This is rather extraordinary and perhaps it explains why it took so long in the first place for Michigan to certify its election results. But it doesn't augur well for Hillary's hopes in a recount or for strange conspiracy theories on both sides to die down.
One-third of precincts in Wayne County could be disqualified from an unprecedented statewide recount of presidential election results because of problems with ballots.

Michigan’s largest county voted overwhelmingly for Democratic candidate Hillary Clinton, but officials couldn’t reconcile vote totals for 610 of 1,680 precincts during a countywide canvass of vote results late last month.

Most of those are in heavily Democratic Detroit, where the number of ballots in precinct poll books did not match those of voting machine printout reports in 59 percent of precincts, 392 of 662.

According to state law, precincts whose poll books don’t match with ballots can’t be recounted. If that happens, original election results stand.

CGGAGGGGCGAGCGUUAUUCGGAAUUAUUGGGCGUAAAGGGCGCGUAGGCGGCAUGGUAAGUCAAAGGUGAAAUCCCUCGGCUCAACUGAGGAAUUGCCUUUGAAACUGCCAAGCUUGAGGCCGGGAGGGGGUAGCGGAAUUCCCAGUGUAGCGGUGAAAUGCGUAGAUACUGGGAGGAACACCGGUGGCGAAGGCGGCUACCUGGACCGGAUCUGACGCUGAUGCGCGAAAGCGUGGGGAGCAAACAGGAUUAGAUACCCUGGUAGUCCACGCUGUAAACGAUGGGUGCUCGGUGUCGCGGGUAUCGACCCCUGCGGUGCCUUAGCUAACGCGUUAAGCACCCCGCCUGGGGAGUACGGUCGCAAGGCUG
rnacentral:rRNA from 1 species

“It’s not good,” conceded Daniel Baxter, elections director for the city of Detroit.

He blamed the discrepancies on the city’s decade-old voting machines, saying 87 optical scanners broke on Election Day. Many jammed when voters fed ballots into scanners, which can result in erroneous vote counts if ballots are inserted multiple times. Poll workers are supposed to adjust counters to reflect a single vote but in many cases failed to do so, causing the discrepancies, Baxter said....

Republican President-elect Donald Trump won Michigan by a razor-thin margin, 10,704 votes. Presumably, Clinton’s best opportunity to eliminate that margin rested in finding uncounted ballots in Wayne County, which she carried by a 2-1 ratio.

Disqualifying huge numbers of precincts would make it “almost impossible” for the former New York senator to make up the votes, said Ernest Johnson, a Democratic political activist who worked to get out the vote for Clinton.

“It’s a real long-shot now because, if I were looking for 10,000 votes, the first place I’d look is Wayne County,” Johnson said. “That’s a huge problem.